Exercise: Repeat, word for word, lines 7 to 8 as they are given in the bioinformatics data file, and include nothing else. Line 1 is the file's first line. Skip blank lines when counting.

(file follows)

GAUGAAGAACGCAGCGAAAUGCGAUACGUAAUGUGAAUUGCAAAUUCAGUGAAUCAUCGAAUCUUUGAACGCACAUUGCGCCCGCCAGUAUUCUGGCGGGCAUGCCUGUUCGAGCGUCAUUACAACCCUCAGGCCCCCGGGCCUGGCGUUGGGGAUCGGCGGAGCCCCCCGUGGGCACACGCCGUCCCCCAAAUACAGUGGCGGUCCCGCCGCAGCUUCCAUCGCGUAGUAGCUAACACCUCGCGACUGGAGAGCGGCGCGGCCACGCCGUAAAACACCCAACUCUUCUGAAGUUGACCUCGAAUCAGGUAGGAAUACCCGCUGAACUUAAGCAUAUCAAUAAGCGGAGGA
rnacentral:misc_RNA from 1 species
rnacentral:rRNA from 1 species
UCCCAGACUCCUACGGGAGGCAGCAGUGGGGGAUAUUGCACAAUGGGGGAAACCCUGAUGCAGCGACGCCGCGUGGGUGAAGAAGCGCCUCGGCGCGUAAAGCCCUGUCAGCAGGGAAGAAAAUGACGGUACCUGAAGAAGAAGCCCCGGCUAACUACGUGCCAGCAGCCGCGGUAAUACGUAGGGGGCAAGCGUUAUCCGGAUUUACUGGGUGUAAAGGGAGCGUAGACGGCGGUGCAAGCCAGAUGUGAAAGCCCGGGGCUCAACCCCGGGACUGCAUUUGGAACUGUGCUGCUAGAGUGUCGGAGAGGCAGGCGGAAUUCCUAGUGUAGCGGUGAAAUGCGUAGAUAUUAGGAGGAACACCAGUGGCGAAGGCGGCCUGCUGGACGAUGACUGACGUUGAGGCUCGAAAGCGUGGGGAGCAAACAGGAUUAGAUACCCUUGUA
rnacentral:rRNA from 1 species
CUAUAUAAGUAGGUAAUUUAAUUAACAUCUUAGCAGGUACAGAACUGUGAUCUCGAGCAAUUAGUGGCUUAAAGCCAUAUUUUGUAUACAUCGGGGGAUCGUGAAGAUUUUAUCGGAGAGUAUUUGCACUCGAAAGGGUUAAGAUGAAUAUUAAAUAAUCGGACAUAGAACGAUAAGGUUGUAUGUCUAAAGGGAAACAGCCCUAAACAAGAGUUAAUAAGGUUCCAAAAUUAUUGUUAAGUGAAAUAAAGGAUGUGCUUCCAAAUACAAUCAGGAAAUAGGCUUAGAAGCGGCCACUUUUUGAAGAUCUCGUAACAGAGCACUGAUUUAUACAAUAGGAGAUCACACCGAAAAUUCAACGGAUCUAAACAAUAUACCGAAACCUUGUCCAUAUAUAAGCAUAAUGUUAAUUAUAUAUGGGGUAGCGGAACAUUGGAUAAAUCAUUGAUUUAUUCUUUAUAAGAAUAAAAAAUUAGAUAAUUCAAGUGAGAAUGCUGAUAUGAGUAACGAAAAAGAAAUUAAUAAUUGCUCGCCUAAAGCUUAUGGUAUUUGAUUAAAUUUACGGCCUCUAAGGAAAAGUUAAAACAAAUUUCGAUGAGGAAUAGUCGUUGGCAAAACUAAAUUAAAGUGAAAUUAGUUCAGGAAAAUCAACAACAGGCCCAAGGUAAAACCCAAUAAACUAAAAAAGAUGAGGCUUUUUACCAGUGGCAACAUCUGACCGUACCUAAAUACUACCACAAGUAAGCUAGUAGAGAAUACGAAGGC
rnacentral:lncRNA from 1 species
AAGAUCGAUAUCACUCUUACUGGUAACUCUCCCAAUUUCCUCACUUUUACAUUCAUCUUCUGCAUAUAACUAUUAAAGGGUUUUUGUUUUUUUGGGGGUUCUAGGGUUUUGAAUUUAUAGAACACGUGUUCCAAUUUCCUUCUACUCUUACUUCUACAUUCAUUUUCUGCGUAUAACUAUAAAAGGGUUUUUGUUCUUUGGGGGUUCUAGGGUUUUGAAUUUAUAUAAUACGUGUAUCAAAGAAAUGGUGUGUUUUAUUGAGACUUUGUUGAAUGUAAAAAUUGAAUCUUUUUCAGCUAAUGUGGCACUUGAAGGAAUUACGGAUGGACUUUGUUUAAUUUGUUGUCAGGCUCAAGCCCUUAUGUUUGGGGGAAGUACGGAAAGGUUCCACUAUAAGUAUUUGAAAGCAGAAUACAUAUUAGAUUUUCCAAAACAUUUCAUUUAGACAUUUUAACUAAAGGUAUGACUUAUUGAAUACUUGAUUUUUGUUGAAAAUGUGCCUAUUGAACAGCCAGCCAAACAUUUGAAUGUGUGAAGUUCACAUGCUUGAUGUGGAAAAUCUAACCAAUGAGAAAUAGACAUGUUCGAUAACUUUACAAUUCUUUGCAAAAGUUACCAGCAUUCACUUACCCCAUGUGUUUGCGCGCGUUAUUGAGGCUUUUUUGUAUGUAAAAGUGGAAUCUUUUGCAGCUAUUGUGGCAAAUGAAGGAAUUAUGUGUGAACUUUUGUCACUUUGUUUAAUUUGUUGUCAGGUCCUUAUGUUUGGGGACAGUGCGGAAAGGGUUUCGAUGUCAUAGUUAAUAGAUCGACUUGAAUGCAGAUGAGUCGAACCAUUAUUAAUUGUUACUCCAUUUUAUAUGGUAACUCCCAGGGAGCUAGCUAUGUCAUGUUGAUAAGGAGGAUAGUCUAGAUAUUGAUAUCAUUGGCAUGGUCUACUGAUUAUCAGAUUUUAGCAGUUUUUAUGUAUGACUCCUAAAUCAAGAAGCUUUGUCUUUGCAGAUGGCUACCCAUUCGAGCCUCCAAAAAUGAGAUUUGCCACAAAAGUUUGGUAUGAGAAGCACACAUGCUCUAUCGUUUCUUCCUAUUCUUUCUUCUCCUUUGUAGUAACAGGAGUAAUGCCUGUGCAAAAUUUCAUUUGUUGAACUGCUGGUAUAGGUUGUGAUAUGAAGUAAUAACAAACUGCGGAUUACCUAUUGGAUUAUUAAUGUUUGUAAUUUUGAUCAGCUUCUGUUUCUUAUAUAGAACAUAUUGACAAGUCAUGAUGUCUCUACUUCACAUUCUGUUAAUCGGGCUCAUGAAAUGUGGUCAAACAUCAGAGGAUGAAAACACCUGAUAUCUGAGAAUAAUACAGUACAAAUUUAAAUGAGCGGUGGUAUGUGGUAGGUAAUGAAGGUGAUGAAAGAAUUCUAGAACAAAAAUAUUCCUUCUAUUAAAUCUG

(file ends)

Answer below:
rnacentral:lncRNA from 1 species
AAGAUCGAUAUCACUCUUACUGGUAACUCUCCCAAUUUCCUCACUUUUACAUUCAUCUUCUGCAUAUAACUAUUAAAGGGUUUUUGUUUUUUUGGGGGUUCUAGGGUUUUGAAUUUAUAGAACACGUGUUCCAAUUUCCUUCUACUCUUACUUCUACAUUCAUUUUCUGCGUAUAACUAUAAAAGGGUUUUUGUUCUUUGGGGGUUCUAGGGUUUUGAAUUUAUAUAAUACGUGUAUCAAAGAAAUGGUGUGUUUUAUUGAGACUUUGUUGAAUGUAAAAAUUGAAUCUUUUUCAGCUAAUGUGGCACUUGAAGGAAUUACGGAUGGACUUUGUUUAAUUUGUUGUCAGGCUCAAGCCCUUAUGUUUGGGGGAAGUACGGAAAGGUUCCACUAUAAGUAUUUGAAAGCAGAAUACAUAUUAGAUUUUCCAAAACAUUUCAUUUAGACAUUUUAACUAAAGGUAUGACUUAUUGAAUACUUGAUUUUUGUUGAAAAUGUGCCUAUUGAACAGCCAGCCAAACAUUUGAAUGUGUGAAGUUCACAUGCUUGAUGUGGAAAAUCUAACCAAUGAGAAAUAGACAUGUUCGAUAACUUUACAAUUCUUUGCAAAAGUUACCAGCAUUCACUUACCCCAUGUGUUUGCGCGCGUUAUUGAGGCUUUUUUGUAUGUAAAAGUGGAAUCUUUUGCAGCUAUUGUGGCAAAUGAAGGAAUUAUGUGUGAACUUUUGUCACUUUGUUUAAUUUGUUGUCAGGUCCUUAUGUUUGGGGACAGUGCGGAAAGGGUUUCGAUGUCAUAGUUAAUAGAUCGACUUGAAUGCAGAUGAGUCGAACCAUUAUUAAUUGUUACUCCAUUUUAUAUGGUAACUCCCAGGGAGCUAGCUAUGUCAUGUUGAUAAGGAGGAUAGUCUAGAUAUUGAUAUCAUUGGCAUGGUCUACUGAUUAUCAGAUUUUAGCAGUUUUUAUGUAUGACUCCUAAAUCAAGAAGCUUUGUCUUUGCAGAUGGCUACCCAUUCGAGCCUCCAAAAAUGAGAUUUGCCACAAAAGUUUGGUAUGAGAAGCACACAUGCUCUAUCGUUUCUUCCUAUUCUUUCUUCUCCUUUGUAGUAACAGGAGUAAUGCCUGUGCAAAAUUUCAUUUGUUGAACUGCUGGUAUAGGUUGUGAUAUGAAGUAAUAACAAACUGCGGAUUACCUAUUGGAUUAUUAAUGUUUGUAAUUUUGAUCAGCUUCUGUUUCUUAUAUAGAACAUAUUGACAAGUCAUGAUGUCUCUACUUCACAUUCUGUUAAUCGGGCUCAUGAAAUGUGGUCAAACAUCAGAGGAUGAAAACACCUGAUAUCUGAGAAUAAUACAGUACAAAUUUAAAUGAGCGGUGGUAUGUGGUAGGUAAUGAAGGUGAUGAAAGAAUUCUAGAACAAAAAUAUUCCUUCUAUUAAAUCUG